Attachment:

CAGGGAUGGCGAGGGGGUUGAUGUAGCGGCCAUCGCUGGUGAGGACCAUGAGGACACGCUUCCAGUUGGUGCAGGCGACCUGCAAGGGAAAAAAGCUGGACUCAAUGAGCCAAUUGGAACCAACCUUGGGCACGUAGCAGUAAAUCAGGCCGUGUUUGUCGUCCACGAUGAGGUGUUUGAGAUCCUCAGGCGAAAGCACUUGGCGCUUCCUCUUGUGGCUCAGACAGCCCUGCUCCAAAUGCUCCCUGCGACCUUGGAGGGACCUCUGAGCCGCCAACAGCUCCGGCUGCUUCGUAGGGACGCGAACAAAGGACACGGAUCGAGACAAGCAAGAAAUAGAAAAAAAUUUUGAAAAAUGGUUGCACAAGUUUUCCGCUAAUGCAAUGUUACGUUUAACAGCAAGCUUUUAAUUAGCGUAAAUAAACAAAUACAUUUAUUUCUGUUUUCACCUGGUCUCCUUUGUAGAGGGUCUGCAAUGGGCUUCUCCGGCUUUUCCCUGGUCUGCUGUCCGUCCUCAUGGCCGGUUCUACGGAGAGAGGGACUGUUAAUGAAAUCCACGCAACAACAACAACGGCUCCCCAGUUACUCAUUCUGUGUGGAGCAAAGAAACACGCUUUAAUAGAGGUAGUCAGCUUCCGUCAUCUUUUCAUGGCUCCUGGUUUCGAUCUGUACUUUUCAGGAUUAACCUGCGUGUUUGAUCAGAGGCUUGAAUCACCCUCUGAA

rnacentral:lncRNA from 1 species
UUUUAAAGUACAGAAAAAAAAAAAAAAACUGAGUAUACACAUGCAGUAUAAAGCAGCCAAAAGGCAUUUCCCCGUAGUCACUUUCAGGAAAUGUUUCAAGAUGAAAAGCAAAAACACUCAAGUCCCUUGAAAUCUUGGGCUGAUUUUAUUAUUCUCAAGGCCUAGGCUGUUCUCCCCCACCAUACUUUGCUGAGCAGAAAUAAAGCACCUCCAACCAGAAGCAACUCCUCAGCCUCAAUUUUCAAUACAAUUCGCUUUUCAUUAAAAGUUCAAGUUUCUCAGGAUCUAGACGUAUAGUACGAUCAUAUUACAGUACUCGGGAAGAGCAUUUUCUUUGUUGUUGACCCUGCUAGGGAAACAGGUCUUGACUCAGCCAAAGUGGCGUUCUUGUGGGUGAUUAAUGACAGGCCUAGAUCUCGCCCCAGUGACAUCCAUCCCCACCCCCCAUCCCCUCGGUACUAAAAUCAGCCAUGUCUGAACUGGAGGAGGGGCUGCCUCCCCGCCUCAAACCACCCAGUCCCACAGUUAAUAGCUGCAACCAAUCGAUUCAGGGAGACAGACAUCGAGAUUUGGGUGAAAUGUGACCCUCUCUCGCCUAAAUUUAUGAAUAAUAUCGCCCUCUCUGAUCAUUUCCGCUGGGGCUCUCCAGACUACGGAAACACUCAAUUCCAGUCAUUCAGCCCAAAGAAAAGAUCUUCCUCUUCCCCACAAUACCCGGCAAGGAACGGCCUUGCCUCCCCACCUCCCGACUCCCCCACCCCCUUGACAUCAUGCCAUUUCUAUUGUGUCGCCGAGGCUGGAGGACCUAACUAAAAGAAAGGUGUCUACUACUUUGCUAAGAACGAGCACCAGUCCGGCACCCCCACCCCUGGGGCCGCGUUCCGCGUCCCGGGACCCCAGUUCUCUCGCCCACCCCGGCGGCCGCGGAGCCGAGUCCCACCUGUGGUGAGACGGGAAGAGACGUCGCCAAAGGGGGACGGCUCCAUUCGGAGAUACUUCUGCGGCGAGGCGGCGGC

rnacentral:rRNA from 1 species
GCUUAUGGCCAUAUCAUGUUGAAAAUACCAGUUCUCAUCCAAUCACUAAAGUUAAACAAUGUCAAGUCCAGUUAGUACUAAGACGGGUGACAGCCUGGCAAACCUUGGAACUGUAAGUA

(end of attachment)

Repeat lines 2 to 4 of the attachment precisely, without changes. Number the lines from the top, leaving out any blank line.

rnacentral:lncRNA from 1 species
UUUUAAAGUACAGAAAAAAAAAAAAAAACUGAGUAUACACAUGCAGUAUAAAGCAGCCAAAAGGCAUUUCCCCGUAGUCACUUUCAGGAAAUGUUUCAAGAUGAAAAGCAAAAACACUCAAGUCCCUUGAAAUCUUGGGCUGAUUUUAUUAUUCUCAAGGCCUAGGCUGUUCUCCCCCACCAUACUUUGCUGAGCAGAAAUAAAGCACCUCCAACCAGAAGCAACUCCUCAGCCUCAAUUUUCAAUACAAUUCGCUUUUCAUUAAAAGUUCAAGUUUCUCAGGAUCUAGACGUAUAGUACGAUCAUAUUACAGUACUCGGGAAGAGCAUUUUCUUUGUUGUUGACCCUGCUAGGGAAACAGGUCUUGACUCAGCCAAAGUGGCGUUCUUGUGGGUGAUUAAUGACAGGCCUAGAUCUCGCCCCAGUGACAUCCAUCCCCACCCCCCAUCCCCUCGGUACUAAAAUCAGCCAUGUCUGAACUGGAGGAGGGGCUGCCUCCCCGCCUCAAACCACCCAGUCCCACAGUUAAUAGCUGCAACCAAUCGAUUCAGGGAGACAGACAUCGAGAUUUGGGUGAAAUGUGACCCUCUCUCGCCUAAAUUUAUGAAUAAUAUCGCCCUCUCUGAUCAUUUCCGCUGGGGCUCUCCAGACUACGGAAACACUCAAUUCCAGUCAUUCAGCCCAAAGAAAAGAUCUUCCUCUUCCCCACAAUACCCGGCAAGGAACGGCCUUGCCUCCCCACCUCCCGACUCCCCCACCCCCUUGACAUCAUGCCAUUUCUAUUGUGUCGCCGAGGCUGGAGGACCUAACUAAAAGAAAGGUGUCUACUACUUUGCUAAGAACGAGCACCAGUCCGGCACCCCCACCCCUGGGGCCGCGUUCCGCGUCCCGGGACCCCAGUUCUCUCGCCCACCCCGGCGGCCGCGGAGCCGAGUCCCACCUGUGGUGAGACGGGAAGAGACGUCGCCAAAGGGGGACGGCUCCAUUCGGAGAUACUUCUGCGGCGAGGCGGCGGC

rnacentral:rRNA from 1 species